Ornate French Table Clock
This is a brilliant French ormolu desk clock with time and strike movement. Ormolu was typical of the 18th and 19th centuries and referred to gilded bronze objects. The top of the clock features a tree adorned with leaves and fruit positioned in front of a fence with small flowers. At the left end of the fence, sits a woven basket, filled to the brim with the fruit a young boy picks from the tree. On the dial, pointing to roman numerals, are Breguet style hands, distinctive for their thin arms which end with a crescent moon-like tip. Abraham-Louis Breguet (1743–1823) was a Swiss watch and clock maker working in Paris, who was known to have designed clocks for Napoleon I (1769–1821). The design of these dial hands was particularly popular in the 18th and 19th centuries and are known to have adorned both Breguet clocks and clocks by other makers. The shape of these dial hands has also been called “pomme excentrée” (hollowed apple) or “pomme hands”, which seems a rather fitting choice for this clock. Perhaps the young boy is picking apples. The casing of the clock is reminiscent of a carriage shape; its rectangular body is outlined with thick scrolls and foliage, and on either side of the clock’s base are large c-scrolls, recalling the shape and position of carriage wheels. This clock may serve as a beautiful conversation piece while working from home, but it might also inspire future daydreams of royal life and summer days! On the back of the clock, a stamp of the retailer, Rollin à Paris, is found, along with the initials C.I., which may refer to the dial maker, case maker, or clockmaker.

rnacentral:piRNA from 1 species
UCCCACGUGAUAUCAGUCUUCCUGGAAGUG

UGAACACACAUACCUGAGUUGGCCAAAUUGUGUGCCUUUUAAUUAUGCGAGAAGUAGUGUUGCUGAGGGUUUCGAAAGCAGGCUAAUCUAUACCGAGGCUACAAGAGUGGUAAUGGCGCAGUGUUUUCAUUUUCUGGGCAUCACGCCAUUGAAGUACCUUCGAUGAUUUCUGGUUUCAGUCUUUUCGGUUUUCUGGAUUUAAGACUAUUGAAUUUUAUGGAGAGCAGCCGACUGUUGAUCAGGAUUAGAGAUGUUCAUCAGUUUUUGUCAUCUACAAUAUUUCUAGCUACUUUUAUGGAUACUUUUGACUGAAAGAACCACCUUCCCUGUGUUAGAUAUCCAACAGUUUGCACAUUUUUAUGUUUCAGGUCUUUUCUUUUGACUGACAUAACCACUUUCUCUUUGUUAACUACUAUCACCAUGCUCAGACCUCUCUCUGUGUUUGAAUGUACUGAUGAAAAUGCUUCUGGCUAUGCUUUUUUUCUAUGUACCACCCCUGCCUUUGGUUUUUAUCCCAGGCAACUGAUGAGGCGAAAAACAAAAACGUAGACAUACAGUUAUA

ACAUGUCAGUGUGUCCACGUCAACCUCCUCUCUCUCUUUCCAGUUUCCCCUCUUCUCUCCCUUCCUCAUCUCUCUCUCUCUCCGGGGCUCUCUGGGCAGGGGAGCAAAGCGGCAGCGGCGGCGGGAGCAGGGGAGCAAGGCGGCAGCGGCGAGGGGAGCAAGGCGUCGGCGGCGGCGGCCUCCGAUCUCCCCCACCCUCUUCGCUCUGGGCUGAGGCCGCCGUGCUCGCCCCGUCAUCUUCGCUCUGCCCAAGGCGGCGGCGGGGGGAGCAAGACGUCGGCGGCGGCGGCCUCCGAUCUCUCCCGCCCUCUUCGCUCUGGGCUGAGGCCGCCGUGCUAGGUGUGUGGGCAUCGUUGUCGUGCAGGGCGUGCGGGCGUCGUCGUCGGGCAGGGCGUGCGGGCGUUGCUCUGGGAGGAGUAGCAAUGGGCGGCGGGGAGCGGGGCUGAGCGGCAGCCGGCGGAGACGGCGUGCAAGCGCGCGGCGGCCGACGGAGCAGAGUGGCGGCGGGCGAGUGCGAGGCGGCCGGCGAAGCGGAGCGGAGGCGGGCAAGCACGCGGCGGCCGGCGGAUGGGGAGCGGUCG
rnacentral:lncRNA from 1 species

At this time in France, Louis Daguerre (1787–1851) took the first modern photograph, titled View of the Boulevard du Temple, in 1838. The image appears to be of a deserted street, with only two men, a shoe shiner and his customer, in frame. The Boulevard du Temple was actually a very busy thoroughfare, and would have been crowded at the time of the photograph. The reason it appears empty is because photographic technology required an exposure time of four to five minutes at the time, and therefore the two men were the only people still enough to be captured. Today, the photograph is considered to be the first of its kind to include an image of a human.